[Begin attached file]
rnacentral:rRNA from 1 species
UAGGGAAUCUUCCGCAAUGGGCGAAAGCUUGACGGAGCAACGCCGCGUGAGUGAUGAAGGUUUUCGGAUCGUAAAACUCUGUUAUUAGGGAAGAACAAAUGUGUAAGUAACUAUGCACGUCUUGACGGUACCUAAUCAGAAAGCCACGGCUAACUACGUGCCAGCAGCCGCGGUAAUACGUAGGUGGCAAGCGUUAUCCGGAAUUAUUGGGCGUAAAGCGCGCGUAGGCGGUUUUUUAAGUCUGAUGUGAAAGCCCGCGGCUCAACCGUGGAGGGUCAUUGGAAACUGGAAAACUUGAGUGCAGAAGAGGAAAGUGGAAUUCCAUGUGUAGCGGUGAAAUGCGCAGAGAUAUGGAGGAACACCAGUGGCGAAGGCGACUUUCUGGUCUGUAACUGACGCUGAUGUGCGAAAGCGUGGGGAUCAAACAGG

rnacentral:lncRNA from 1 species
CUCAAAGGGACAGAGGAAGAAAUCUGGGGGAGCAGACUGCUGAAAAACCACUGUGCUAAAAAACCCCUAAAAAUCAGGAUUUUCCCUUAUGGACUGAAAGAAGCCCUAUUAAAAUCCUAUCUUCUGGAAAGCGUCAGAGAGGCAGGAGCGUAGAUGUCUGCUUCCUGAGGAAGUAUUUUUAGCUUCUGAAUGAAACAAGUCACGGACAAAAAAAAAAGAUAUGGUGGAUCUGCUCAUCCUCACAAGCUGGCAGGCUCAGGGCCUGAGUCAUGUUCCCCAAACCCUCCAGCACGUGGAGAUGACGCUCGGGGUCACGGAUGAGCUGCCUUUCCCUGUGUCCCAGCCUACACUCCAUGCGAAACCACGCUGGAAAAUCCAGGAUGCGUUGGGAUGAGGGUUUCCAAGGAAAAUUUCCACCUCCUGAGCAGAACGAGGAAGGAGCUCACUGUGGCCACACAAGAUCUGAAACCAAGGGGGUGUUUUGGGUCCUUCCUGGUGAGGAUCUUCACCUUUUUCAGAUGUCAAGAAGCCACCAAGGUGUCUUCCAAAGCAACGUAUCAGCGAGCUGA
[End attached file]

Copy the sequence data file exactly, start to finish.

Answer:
rnacentral:rRNA from 1 species
UAGGGAAUCUUCCGCAAUGGGCGAAAGCUUGACGGAGCAACGCCGCGUGAGUGAUGAAGGUUUUCGGAUCGUAAAACUCUGUUAUUAGGGAAGAACAAAUGUGUAAGUAACUAUGCACGUCUUGACGGUACCUAAUCAGAAAGCCACGGCUAACUACGUGCCAGCAGCCGCGGUAAUACGUAGGUGGCAAGCGUUAUCCGGAAUUAUUGGGCGUAAAGCGCGCGUAGGCGGUUUUUUAAGUCUGAUGUGAAAGCCCGCGGCUCAACCGUGGAGGGUCAUUGGAAACUGGAAAACUUGAGUGCAGAAGAGGAAAGUGGAAUUCCAUGUGUAGCGGUGAAAUGCGCAGAGAUAUGGAGGAACACCAGUGGCGAAGGCGACUUUCUGGUCUGUAACUGACGCUGAUGUGCGAAAGCGUGGGGAUCAAACAGG

rnacentral:lncRNA from 1 species
CUCAAAGGGACAGAGGAAGAAAUCUGGGGGAGCAGACUGCUGAAAAACCACUGUGCUAAAAAACCCCUAAAAAUCAGGAUUUUCCCUUAUGGACUGAAAGAAGCCCUAUUAAAAUCCUAUCUUCUGGAAAGCGUCAGAGAGGCAGGAGCGUAGAUGUCUGCUUCCUGAGGAAGUAUUUUUAGCUUCUGAAUGAAACAAGUCACGGACAAAAAAAAAAGAUAUGGUGGAUCUGCUCAUCCUCACAAGCUGGCAGGCUCAGGGCCUGAGUCAUGUUCCCCAAACCCUCCAGCACGUGGAGAUGACGCUCGGGGUCACGGAUGAGCUGCCUUUCCCUGUGUCCCAGCCUACACUCCAUGCGAAACCACGCUGGAAAAUCCAGGAUGCGUUGGGAUGAGGGUUUCCAAGGAAAAUUUCCACCUCCUGAGCAGAACGAGGAAGGAGCUCACUGUGGCCACACAAGAUCUGAAACCAAGGGGGUGUUUUGGGUCCUUCCUGGUGAGGAUCUUCACCUUUUUCAGAUGUCAAGAAGCCACCAAGGUGUCUUCCAAAGCAACGUAUCAGCGAGCUGA